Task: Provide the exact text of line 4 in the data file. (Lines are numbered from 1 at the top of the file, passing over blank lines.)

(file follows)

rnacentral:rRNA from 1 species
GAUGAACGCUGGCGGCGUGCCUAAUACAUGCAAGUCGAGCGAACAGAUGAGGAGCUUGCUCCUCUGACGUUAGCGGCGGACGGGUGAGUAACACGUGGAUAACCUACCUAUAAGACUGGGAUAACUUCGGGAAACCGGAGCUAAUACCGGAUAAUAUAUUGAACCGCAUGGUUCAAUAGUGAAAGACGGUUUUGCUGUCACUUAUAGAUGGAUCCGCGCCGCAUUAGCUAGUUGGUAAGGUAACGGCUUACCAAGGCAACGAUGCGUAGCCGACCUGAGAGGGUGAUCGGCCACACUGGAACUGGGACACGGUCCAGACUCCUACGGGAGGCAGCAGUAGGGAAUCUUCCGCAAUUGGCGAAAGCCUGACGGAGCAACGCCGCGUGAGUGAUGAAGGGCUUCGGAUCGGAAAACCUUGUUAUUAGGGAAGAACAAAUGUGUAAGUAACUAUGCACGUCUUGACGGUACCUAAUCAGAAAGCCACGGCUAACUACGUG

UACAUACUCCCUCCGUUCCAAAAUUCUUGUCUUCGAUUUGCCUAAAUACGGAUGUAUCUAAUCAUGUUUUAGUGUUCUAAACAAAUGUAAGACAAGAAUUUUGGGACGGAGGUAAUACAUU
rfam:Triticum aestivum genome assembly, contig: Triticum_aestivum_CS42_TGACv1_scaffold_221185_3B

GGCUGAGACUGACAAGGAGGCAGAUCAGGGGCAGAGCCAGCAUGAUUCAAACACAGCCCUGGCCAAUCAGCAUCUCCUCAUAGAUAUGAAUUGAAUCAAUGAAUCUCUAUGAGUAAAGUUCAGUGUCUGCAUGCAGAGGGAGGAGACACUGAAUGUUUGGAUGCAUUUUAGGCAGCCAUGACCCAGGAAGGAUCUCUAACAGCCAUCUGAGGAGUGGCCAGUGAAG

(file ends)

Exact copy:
rfam:Triticum aestivum genome assembly, contig: Triticum_aestivum_CS42_TGACv1_scaffold_221185_3B